The early-1990s: As the 90s began ITV Night Time was beginning to be a success. Although of course the ratings would never be that high there was clearly demand for programming at this time of night and a lot of original shows were made for the strand, with a few repeats, imports including American sitcoms such as Three’s Company, and the occasional film shown as well. It is remarkable looking back now to discover just how much effort was put into shows that were shown at around 2am and some viewers still fondly remember them, although of course they weren’t exactly big budget stuff.
For example, there was a lot of original music programming, such as the dance show BPM and of course Pete Waterman and Michaela Strachan in various nightclubs on The Hitman And Her. My sister always liked to set the video for a rock music show called Noisy Mothers. There were many others too and in this case I think that you really could describe these shows as attracting a cult following.
Things changed in 1991 though. Thames and LWT began to share a new strand simply called “Night Time” which was shown in a few other regions too, meaning the end for in-vision continuity in the Thames, Anglia and TVS regions, plus the end of Night Club on HTV. This disappointed a lot of viewers who enjoyed the announcers who kept going through the night whatever happened. Other regions continued with various strands called Night Time and Night Shift.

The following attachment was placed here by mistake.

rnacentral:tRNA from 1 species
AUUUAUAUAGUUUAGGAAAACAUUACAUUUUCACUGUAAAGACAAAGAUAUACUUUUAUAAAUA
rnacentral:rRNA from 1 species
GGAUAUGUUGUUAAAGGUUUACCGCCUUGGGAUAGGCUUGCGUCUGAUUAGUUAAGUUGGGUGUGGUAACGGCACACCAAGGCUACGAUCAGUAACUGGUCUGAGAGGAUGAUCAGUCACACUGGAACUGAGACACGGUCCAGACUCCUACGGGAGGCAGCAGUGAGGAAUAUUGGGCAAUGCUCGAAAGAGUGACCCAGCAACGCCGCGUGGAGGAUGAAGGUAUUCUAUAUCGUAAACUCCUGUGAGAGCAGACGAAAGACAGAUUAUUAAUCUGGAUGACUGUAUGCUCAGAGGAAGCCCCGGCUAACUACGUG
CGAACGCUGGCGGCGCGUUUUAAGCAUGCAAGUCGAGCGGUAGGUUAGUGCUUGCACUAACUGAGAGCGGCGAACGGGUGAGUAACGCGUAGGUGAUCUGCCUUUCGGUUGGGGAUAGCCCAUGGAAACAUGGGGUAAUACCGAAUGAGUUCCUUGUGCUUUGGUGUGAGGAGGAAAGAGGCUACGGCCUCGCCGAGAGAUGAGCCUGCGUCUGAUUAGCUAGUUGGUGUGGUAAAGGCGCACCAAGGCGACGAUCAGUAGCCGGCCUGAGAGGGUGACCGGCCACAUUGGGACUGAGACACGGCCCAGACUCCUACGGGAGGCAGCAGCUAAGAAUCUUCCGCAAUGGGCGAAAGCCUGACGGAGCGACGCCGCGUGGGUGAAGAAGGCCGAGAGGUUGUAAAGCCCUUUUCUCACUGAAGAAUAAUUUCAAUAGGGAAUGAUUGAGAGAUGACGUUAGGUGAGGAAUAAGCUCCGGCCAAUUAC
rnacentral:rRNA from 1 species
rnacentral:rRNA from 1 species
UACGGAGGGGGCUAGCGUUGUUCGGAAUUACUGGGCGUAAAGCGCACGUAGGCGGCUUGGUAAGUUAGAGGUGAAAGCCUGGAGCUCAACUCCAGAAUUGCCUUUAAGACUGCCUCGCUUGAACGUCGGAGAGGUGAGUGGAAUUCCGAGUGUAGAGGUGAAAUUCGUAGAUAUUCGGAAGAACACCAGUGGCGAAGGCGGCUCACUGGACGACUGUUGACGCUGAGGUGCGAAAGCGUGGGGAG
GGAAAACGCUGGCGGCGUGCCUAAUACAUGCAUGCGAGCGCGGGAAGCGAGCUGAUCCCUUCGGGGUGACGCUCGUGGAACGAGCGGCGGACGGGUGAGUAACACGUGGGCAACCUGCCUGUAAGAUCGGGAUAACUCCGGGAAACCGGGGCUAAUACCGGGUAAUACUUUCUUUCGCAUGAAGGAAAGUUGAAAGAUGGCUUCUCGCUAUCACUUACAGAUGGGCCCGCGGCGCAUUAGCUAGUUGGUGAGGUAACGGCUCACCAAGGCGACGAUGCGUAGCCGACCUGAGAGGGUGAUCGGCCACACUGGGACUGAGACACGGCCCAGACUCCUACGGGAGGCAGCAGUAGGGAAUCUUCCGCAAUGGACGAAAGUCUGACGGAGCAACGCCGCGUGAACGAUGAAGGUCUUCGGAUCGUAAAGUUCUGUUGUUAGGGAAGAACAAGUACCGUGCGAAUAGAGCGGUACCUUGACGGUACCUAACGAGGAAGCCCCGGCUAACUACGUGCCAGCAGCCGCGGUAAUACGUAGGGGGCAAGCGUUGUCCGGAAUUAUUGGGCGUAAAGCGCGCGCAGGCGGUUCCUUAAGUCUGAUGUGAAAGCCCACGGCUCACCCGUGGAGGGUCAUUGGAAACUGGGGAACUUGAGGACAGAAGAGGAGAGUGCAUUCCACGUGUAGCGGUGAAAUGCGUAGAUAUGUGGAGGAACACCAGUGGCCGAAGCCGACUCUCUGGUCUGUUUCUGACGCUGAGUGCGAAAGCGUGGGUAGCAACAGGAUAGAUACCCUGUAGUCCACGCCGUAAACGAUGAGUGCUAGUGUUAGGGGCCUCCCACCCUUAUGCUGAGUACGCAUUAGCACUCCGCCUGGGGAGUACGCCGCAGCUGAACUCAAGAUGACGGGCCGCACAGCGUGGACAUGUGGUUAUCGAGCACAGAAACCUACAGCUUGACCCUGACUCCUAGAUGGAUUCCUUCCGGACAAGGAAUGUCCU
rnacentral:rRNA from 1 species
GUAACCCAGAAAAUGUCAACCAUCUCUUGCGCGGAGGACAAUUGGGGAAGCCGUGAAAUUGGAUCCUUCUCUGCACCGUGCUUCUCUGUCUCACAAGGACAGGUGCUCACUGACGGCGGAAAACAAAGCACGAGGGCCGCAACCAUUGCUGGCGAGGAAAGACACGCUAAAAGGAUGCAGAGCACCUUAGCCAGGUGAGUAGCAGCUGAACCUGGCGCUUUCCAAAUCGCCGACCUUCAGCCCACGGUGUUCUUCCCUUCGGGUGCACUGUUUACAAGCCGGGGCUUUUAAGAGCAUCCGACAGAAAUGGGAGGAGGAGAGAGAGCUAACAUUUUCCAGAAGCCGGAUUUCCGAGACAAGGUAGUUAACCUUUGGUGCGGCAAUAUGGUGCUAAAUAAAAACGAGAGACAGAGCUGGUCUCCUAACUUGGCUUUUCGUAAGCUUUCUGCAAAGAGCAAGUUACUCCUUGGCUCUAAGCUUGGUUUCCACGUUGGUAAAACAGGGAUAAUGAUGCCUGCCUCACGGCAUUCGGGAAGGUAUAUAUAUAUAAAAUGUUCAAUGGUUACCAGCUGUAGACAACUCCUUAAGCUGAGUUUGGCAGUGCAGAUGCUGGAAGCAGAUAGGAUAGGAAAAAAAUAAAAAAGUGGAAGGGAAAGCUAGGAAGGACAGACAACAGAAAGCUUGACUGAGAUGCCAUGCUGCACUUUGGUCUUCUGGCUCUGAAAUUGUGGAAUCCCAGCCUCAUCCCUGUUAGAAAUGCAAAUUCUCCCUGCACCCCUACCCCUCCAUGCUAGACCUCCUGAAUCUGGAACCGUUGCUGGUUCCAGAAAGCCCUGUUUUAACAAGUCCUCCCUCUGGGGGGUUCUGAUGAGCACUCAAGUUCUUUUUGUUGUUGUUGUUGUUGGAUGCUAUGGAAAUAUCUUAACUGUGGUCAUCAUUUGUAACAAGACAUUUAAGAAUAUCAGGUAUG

When Thames lost their franchise at the end of 1992 it meant the end of the Night Time strand. When Carlton came along in 1993 they had their own look. The main ident usually just featured a shot of a hedgehog. There seemed to be a lot of this imagery in Night Time presentation over the years, with lots of owl/hedgehog/cat symbolism being used by the regions to imply just how late it was.
LWT decided to launch their own strand again called 3 Nights, because it was shown three nights a week, and not as I thought, because it was on Channel 3. Or maybe it was both. Again there were some odd idents, which never featured any announcers either live or pre-recorded, and one of them seemed to feature the guy from the Pet Shop Boys.
There was also still advertising regularly in these late night slots, usually for those Karaoke Challenge-phone competitions, but some of the smaller regions had to make do with showing Public Information Films, which are scary enough in the daytime never mind late at night, and sometimes if they were really short of material, simply a “Back Soon” slide was shown. Things would change though by 1995 as you’ll find out in the third part of this piece.